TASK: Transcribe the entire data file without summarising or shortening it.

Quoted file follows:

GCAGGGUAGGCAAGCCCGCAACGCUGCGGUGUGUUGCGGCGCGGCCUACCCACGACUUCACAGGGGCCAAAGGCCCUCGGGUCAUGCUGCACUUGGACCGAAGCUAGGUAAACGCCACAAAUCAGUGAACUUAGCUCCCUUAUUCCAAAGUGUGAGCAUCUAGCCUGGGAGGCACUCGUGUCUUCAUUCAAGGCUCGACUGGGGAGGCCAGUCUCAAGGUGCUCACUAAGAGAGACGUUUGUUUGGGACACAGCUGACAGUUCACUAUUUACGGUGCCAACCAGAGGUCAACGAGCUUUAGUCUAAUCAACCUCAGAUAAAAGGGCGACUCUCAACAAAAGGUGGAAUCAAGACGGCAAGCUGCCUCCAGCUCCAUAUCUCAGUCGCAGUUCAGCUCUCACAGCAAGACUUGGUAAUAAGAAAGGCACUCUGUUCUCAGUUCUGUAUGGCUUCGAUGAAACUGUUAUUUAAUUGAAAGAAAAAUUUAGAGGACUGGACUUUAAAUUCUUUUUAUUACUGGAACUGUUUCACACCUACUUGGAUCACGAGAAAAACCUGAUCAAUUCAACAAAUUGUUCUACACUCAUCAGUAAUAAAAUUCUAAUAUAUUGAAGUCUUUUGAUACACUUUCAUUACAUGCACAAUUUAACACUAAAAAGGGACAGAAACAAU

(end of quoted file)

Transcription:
GCAGGGUAGGCAAGCCCGCAACGCUGCGGUGUGUUGCGGCGCGGCCUACCCACGACUUCACAGGGGCCAAAGGCCCUCGGGUCAUGCUGCACUUGGACCGAAGCUAGGUAAACGCCACAAAUCAGUGAACUUAGCUCCCUUAUUCCAAAGUGUGAGCAUCUAGCCUGGGAGGCACUCGUGUCUUCAUUCAAGGCUCGACUGGGGAGGCCAGUCUCAAGGUGCUCACUAAGAGAGACGUUUGUUUGGGACACAGCUGACAGUUCACUAUUUACGGUGCCAACCAGAGGUCAACGAGCUUUAGUCUAAUCAACCUCAGAUAAAAGGGCGACUCUCAACAAAAGGUGGAAUCAAGACGGCAAGCUGCCUCCAGCUCCAUAUCUCAGUCGCAGUUCAGCUCUCACAGCAAGACUUGGUAAUAAGAAAGGCACUCUGUUCUCAGUUCUGUAUGGCUUCGAUGAAACUGUUAUUUAAUUGAAAGAAAAAUUUAGAGGACUGGACUUUAAAUUCUUUUUAUUACUGGAACUGUUUCACACCUACUUGGAUCACGAGAAAAACCUGAUCAAUUCAACAAAUUGUUCUACACUCAUCAGUAAUAAAAUUCUAAUAUAUUGAAGUCUUUUGAUACACUUUCAUUACAUGCACAAUUUAACACUAAAAAGGGACAGAAACAAU